For years, the City of Gulfport, Mississippi, knew they were missing out on unbilled, under‐billed or unaccounted for sewer processing fees. But without knowing a reliable way to measure the sewer flow in their particular situation, they were at a loss.
Referring to one of the City's largest customers — a large governmental agency with over 5,000 employees — Mike Necaise, CFO and Contract Administrator with the City of Gulfport, reflected, "I remember posing the question to a local engineering firm about why we couldn’t measure the sewer flow that is being discharged (from this customer).The answer was that there was no good technology out there at that point in time that they could provide to us."
Unwilling to accept that answer, Gulfport hired Water Company of America (WCA) to figure out a solution. For over 23 years, WCA has been helping municipalities recover lost revenue by identifying sewer flow to wastewater treatment plants that, for a myriad of reasons, goes unmeasured. And the first thing Gulfport asked WCA to do was to review and scrutinize the integrity and accuracy of this large customers' billing.
For over 30 years the City had been relying on data provided by their customer— the large governmental agency — to bill them for their sewer processing fees. According to Necaise, "With our long‐standing agreement with our customer we basically have relied on their equipment to measure the flow of the water to calculate their own processing fees." And making the arrangement even less balanced, the data used for billing was based on the amount of water being pumped from wells for use by the customer. In other words, it was based on the flow going into the customer, and not the waste coming out. So it never accounted for any other inflow or infiltration. Knowing that new technologies could, indeed, gather billing data directly from effluent locations, WCA provided Gulfport their recommendation: Data Delivery Services (DDS).
Steve Hooper of WCA explains, "I was at an Alabama & Mississippi WEA/AWWA Joint Conference and I was digging for new technologies (that would meet Gulfport's needs). I met with Hach and learned what DDS is all about. I felt that the application of DDS was a natural fit for the projects we would be working on with (Gulfport)."
DDS is a highly efficient flow monitoring service where, for a fixed monthly fee, Hach provides all of the equipment, data transmission, and technical support customers need to acquire flow data—delivered in real-time so customers can immediately perform data analysis. Through the DDS Preferred Program, Hach even handles all equipment installations and maintenance, removing the challenges inherent with flow monitoring from custome'’s already overflowing plates. This program was ideal for WCA's project because it provided an unbiased solution to all parties involved. All equipment and maintenance was provided by a 3rd party (Hach) and both Gulfport and the customer had access to the real-time untouched data. Following WCA's recommendation, the City of Gulfport implemented a successful short-term DDS ‘pilot’ program in May of 2012 and then, pleased with the results, expanded the program for a full 3 years. The set-up included wireless Hach FL900 Series Flow Loggers for automatic, real-time data transmission and non-contact FLO-DAR AV Sensors. These FLO-DARs, positioned downstream from effluent discharge locations, collect flow data with a high degree of accuracy. And because Hach has a 95% monitoring uptime guarantee, Gulfport could be certain that their billing data would be correct and completely accessible.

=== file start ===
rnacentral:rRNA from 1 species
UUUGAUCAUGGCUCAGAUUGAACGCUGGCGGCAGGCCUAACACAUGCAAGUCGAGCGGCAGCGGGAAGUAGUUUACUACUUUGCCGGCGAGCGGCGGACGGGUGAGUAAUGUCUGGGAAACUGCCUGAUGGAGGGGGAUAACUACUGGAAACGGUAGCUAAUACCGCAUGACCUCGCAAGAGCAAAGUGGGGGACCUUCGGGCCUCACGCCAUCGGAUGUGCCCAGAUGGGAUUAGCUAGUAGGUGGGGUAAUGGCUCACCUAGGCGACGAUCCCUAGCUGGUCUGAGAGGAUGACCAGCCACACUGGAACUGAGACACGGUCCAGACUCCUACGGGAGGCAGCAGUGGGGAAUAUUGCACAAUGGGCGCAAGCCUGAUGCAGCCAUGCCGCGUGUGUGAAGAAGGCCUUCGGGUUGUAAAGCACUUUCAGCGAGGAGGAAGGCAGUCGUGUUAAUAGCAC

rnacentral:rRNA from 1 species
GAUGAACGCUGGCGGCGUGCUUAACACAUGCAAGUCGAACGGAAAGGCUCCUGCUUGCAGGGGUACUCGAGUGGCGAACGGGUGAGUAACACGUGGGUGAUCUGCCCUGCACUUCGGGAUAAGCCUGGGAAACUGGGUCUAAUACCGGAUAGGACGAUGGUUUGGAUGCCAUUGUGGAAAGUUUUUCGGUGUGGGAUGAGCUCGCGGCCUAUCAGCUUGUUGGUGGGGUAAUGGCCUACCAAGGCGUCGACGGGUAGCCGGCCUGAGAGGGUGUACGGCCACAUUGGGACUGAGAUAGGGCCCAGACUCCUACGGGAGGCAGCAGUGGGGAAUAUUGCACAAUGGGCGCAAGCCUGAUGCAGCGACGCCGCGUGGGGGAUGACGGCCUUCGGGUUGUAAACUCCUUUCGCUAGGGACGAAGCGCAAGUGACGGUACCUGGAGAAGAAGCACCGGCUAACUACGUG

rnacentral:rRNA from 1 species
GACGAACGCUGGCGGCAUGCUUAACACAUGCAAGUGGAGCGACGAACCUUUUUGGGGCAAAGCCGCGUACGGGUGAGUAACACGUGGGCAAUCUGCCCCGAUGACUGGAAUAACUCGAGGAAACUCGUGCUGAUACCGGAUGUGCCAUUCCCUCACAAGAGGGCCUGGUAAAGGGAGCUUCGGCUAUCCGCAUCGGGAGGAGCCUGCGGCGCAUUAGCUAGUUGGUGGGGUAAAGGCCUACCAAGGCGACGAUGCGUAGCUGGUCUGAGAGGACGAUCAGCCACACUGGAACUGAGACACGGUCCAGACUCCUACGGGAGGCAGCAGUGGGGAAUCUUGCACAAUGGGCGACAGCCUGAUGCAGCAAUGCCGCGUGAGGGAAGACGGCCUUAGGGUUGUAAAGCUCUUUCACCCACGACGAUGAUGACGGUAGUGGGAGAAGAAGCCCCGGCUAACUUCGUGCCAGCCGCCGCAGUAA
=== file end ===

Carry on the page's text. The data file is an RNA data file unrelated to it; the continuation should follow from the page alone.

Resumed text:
Necaise and the City of Gulfport are very impressed with the results. Necaise said, "We feel that it's possibly going to be several hundred thousand dollars a year in enhanced revenue with DDS. Several hundred thousand dollars a year is significant to us!"
This increased revenue will allow the City's Public Works Department to more accurately plan for sewer capacity and, with an aged infrastructure, help them accommodate future growth by upgrading their collection system and treatment plant and remain compliant with their EPA permit. Moving forward, Gulfport's DDS program will continue to help them understand the origins of their sewer flow and more accurately and efficiently plan for collection system changes.
As Steve Hooper from Water Company of America says, "If you understand from where cost originates and can quantify it, you can better plan for future capital improvement programs. For this very large customer alone, we are talking about a very significant increase in revenue that the City will be able to realize. And they are going to be able to put that revenue to work."